There is a reason that the Art of War, Machiavelli and other classics are popular with managerial types. This isn’t new at all. Unfortunately many of them fast forward through the boring parts and end up being opportunists and not leaders. While business is like warfare, the effort is often focused to heavily on the internal politics, not against the competitors. Where in the old days we had runners to relay information, the speed in IT today is more like a frantic dogfight in the 21 century, where even an F16 cannot deliver the capabilities to dominate air combat in the long term, which leads me to Observe, Orient, Decide & Act (OODA). Sure Boyd was a hard one to work with for the careerist hierarchy, but he defined the successful strategies & tactics for air combat that only came into the public eye during the 1st Gulf war. He never made general, he was way to non political for that, but he’s name is still known far outside his chose profession while most air force generals have faded away in to a oblivion or perhaps got shot before the fight started in earnest.  For a strategy needs to be defined by you or by real trusted advisors, not sales men. This strategy needs to be executed and tactics defined on how you do that. Finally you can decide on a plan for what to use and when to do it. Way to many people that claim to have a strategy don’t know what it is. It’s hard enough to be successful with a good strategy let alone with a mediocre one, or even worse think you have one while you don’t know what defines a strategy. And trust me, without one, you’re toast or blissfully ignorant if you’re lucky. Often between C level decision making & execution we see lots of actions to shape things up. Processes, analysis, methodologies, reporting, rules, regulation but there is something missing. But tools are just tools and having a race car doesn’t make one a NASCAR driver, it just gets you in a car crash. Bean counting and ITIL means nothing if you are not using it at the right time, the right place, for the right reasons, in the right way. Some parts of your business should be a total free fire zone, while others should be process based with a vengeance. Choose wisely. I have a presentation on that Smile by the way.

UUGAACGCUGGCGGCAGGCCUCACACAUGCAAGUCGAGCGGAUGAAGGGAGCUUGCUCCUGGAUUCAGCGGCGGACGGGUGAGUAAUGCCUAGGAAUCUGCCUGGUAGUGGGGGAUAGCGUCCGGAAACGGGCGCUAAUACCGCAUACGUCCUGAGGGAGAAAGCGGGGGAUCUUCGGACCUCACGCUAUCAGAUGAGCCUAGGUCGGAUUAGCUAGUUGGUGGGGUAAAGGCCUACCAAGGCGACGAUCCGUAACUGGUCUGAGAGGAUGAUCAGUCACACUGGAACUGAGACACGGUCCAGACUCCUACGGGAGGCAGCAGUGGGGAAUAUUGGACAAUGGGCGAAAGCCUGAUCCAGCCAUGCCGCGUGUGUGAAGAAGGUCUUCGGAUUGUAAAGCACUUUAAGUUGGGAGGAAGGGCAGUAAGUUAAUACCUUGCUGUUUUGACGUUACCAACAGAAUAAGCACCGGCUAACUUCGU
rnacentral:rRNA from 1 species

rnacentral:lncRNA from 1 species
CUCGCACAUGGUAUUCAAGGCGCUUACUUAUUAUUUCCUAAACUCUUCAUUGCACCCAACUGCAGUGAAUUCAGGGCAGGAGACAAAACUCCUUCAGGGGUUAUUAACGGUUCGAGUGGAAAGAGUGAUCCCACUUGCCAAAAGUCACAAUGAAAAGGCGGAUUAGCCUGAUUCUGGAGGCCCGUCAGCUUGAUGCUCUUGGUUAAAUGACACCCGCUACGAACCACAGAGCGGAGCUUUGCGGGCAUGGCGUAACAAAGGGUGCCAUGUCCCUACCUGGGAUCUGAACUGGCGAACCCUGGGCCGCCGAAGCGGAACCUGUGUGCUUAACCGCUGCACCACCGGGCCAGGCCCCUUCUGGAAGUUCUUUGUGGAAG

The road ahead

One has to keep moving forward. And guess what? There are many roads to travel and beautiful sights to see, great experiences to be had.